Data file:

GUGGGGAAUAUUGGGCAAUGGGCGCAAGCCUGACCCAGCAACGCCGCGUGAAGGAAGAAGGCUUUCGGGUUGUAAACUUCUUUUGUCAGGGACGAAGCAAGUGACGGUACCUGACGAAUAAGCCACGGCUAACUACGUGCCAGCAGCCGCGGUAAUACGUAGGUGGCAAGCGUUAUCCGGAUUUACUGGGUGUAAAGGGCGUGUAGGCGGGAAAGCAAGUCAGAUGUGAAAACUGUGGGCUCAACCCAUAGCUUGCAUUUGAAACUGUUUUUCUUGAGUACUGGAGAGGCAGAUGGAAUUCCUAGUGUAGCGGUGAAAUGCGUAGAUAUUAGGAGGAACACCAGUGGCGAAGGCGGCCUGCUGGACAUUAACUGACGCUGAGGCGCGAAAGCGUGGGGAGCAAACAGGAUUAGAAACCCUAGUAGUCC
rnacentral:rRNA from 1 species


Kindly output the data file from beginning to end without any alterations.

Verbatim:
GUGGGGAAUAUUGGGCAAUGGGCGCAAGCCUGACCCAGCAACGCCGCGUGAAGGAAGAAGGCUUUCGGGUUGUAAACUUCUUUUGUCAGGGACGAAGCAAGUGACGGUACCUGACGAAUAAGCCACGGCUAACUACGUGCCAGCAGCCGCGGUAAUACGUAGGUGGCAAGCGUUAUCCGGAUUUACUGGGUGUAAAGGGCGUGUAGGCGGGAAAGCAAGUCAGAUGUGAAAACUGUGGGCUCAACCCAUAGCUUGCAUUUGAAACUGUUUUUCUUGAGUACUGGAGAGGCAGAUGGAAUUCCUAGUGUAGCGGUGAAAUGCGUAGAUAUUAGGAGGAACACCAGUGGCGAAGGCGGCCUGCUGGACAUUAACUGACGCUGAGGCGCGAAAGCGUGGGGAGCAAACAGGAUUAGAAACCCUAGUAGUCC
rnacentral:rRNA from 1 species